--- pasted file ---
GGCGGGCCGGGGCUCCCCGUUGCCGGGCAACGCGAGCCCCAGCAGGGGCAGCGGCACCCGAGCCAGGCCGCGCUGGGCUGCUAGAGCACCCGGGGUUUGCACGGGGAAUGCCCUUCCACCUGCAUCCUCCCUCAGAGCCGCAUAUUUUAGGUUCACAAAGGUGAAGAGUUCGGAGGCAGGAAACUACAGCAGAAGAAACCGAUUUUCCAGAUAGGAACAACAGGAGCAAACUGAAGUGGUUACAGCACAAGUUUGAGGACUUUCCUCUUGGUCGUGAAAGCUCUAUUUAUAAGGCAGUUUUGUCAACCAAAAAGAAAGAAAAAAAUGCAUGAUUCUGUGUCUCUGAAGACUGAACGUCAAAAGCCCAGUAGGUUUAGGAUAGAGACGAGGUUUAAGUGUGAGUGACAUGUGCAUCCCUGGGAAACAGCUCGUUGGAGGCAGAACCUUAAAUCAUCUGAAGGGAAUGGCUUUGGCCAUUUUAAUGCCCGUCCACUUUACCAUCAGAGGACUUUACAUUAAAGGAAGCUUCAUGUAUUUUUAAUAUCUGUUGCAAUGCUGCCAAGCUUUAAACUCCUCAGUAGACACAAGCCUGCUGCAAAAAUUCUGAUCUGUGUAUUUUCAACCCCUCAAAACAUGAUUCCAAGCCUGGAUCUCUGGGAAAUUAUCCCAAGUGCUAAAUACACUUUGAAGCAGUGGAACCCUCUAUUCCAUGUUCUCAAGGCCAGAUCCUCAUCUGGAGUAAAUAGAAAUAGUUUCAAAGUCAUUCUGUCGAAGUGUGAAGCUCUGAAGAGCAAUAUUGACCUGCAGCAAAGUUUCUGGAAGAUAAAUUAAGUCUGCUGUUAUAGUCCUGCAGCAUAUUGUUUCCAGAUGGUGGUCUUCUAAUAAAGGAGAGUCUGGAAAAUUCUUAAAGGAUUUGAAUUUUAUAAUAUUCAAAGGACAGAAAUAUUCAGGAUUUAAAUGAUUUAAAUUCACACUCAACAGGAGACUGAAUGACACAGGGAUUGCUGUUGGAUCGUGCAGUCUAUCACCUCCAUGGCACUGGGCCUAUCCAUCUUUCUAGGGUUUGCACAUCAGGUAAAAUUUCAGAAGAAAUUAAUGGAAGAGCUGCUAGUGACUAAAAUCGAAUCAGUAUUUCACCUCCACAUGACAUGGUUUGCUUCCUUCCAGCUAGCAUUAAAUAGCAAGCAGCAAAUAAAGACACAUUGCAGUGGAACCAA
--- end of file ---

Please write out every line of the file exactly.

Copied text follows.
GGCGGGCCGGGGCUCCCCGUUGCCGGGCAACGCGAGCCCCAGCAGGGGCAGCGGCACCCGAGCCAGGCCGCGCUGGGCUGCUAGAGCACCCGGGGUUUGCACGGGGAAUGCCCUUCCACCUGCAUCCUCCCUCAGAGCCGCAUAUUUUAGGUUCACAAAGGUGAAGAGUUCGGAGGCAGGAAACUACAGCAGAAGAAACCGAUUUUCCAGAUAGGAACAACAGGAGCAAACUGAAGUGGUUACAGCACAAGUUUGAGGACUUUCCUCUUGGUCGUGAAAGCUCUAUUUAUAAGGCAGUUUUGUCAACCAAAAAGAAAGAAAAAAAUGCAUGAUUCUGUGUCUCUGAAGACUGAACGUCAAAAGCCCAGUAGGUUUAGGAUAGAGACGAGGUUUAAGUGUGAGUGACAUGUGCAUCCCUGGGAAACAGCUCGUUGGAGGCAGAACCUUAAAUCAUCUGAAGGGAAUGGCUUUGGCCAUUUUAAUGCCCGUCCACUUUACCAUCAGAGGACUUUACAUUAAAGGAAGCUUCAUGUAUUUUUAAUAUCUGUUGCAAUGCUGCCAAGCUUUAAACUCCUCAGUAGACACAAGCCUGCUGCAAAAAUUCUGAUCUGUGUAUUUUCAACCCCUCAAAACAUGAUUCCAAGCCUGGAUCUCUGGGAAAUUAUCCCAAGUGCUAAAUACACUUUGAAGCAGUGGAACCCUCUAUUCCAUGUUCUCAAGGCCAGAUCCUCAUCUGGAGUAAAUAGAAAUAGUUUCAAAGUCAUUCUGUCGAAGUGUGAAGCUCUGAAGAGCAAUAUUGACCUGCAGCAAAGUUUCUGGAAGAUAAAUUAAGUCUGCUGUUAUAGUCCUGCAGCAUAUUGUUUCCAGAUGGUGGUCUUCUAAUAAAGGAGAGUCUGGAAAAUUCUUAAAGGAUUUGAAUUUUAUAAUAUUCAAAGGACAGAAAUAUUCAGGAUUUAAAUGAUUUAAAUUCACACUCAACAGGAGACUGAAUGACACAGGGAUUGCUGUUGGAUCGUGCAGUCUAUCACCUCCAUGGCACUGGGCCUAUCCAUCUUUCUAGGGUUUGCACAUCAGGUAAAAUUUCAGAAGAAAUUAAUGGAAGAGCUGCUAGUGACUAAAAUCGAAUCAGUAUUUCACCUCCACAUGACAUGGUUUGCUUCCUUCCAGCUAGCAUUAAAUAGCAAGCAGCAAAUAAAGACACAUUGCAGUGGAACCAA